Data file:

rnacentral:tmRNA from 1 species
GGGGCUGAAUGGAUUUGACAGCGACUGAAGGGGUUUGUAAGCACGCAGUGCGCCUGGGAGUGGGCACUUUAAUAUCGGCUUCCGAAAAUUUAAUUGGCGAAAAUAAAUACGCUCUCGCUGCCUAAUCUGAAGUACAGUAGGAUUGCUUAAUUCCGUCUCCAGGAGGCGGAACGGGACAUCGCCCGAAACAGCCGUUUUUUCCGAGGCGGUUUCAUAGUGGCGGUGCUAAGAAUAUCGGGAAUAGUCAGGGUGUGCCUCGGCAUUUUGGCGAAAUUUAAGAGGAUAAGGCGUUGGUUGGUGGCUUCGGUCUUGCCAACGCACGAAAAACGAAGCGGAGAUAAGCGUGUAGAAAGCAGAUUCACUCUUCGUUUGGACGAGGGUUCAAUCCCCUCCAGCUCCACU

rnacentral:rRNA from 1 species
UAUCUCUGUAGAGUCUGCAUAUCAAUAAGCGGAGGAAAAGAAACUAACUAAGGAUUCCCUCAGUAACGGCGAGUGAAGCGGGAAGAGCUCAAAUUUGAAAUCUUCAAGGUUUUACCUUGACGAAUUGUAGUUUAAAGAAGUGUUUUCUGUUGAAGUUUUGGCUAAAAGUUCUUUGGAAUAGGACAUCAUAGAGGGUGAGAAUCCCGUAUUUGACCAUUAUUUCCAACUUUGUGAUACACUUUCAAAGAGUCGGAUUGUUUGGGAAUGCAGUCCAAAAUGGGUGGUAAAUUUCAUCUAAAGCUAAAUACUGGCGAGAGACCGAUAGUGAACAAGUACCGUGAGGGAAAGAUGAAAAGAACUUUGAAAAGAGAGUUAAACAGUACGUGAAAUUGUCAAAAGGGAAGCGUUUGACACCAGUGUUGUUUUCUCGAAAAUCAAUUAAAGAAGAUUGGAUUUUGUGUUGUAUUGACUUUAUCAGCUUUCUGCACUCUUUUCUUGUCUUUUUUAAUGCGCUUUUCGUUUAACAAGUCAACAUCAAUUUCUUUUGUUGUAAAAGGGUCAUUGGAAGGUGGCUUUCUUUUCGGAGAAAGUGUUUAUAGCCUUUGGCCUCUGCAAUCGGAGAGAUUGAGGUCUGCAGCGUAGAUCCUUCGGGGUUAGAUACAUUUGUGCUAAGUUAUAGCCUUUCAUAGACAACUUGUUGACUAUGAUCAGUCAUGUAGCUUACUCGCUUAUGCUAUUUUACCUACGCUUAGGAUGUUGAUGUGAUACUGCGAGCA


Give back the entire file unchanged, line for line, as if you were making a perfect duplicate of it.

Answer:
rnacentral:tmRNA from 1 species
GGGGCUGAAUGGAUUUGACAGCGACUGAAGGGGUUUGUAAGCACGCAGUGCGCCUGGGAGUGGGCACUUUAAUAUCGGCUUCCGAAAAUUUAAUUGGCGAAAAUAAAUACGCUCUCGCUGCCUAAUCUGAAGUACAGUAGGAUUGCUUAAUUCCGUCUCCAGGAGGCGGAACGGGACAUCGCCCGAAACAGCCGUUUUUUCCGAGGCGGUUUCAUAGUGGCGGUGCUAAGAAUAUCGGGAAUAGUCAGGGUGUGCCUCGGCAUUUUGGCGAAAUUUAAGAGGAUAAGGCGUUGGUUGGUGGCUUCGGUCUUGCCAACGCACGAAAAACGAAGCGGAGAUAAGCGUGUAGAAAGCAGAUUCACUCUUCGUUUGGACGAGGGUUCAAUCCCCUCCAGCUCCACU

rnacentral:rRNA from 1 species
UAUCUCUGUAGAGUCUGCAUAUCAAUAAGCGGAGGAAAAGAAACUAACUAAGGAUUCCCUCAGUAACGGCGAGUGAAGCGGGAAGAGCUCAAAUUUGAAAUCUUCAAGGUUUUACCUUGACGAAUUGUAGUUUAAAGAAGUGUUUUCUGUUGAAGUUUUGGCUAAAAGUUCUUUGGAAUAGGACAUCAUAGAGGGUGAGAAUCCCGUAUUUGACCAUUAUUUCCAACUUUGUGAUACACUUUCAAAGAGUCGGAUUGUUUGGGAAUGCAGUCCAAAAUGGGUGGUAAAUUUCAUCUAAAGCUAAAUACUGGCGAGAGACCGAUAGUGAACAAGUACCGUGAGGGAAAGAUGAAAAGAACUUUGAAAAGAGAGUUAAACAGUACGUGAAAUUGUCAAAAGGGAAGCGUUUGACACCAGUGUUGUUUUCUCGAAAAUCAAUUAAAGAAGAUUGGAUUUUGUGUUGUAUUGACUUUAUCAGCUUUCUGCACUCUUUUCUUGUCUUUUUUAAUGCGCUUUUCGUUUAACAAGUCAACAUCAAUUUCUUUUGUUGUAAAAGGGUCAUUGGAAGGUGGCUUUCUUUUCGGAGAAAGUGUUUAUAGCCUUUGGCCUCUGCAAUCGGAGAGAUUGAGGUCUGCAGCGUAGAUCCUUCGGGGUUAGAUACAUUUGUGCUAAGUUAUAGCCUUUCAUAGACAACUUGUUGACUAUGAUCAGUCAUGUAGCUUACUCGCUUAUGCUAUUUUACCUACGCUUAGGAUGUUGAUGUGAUACUGCGAGCA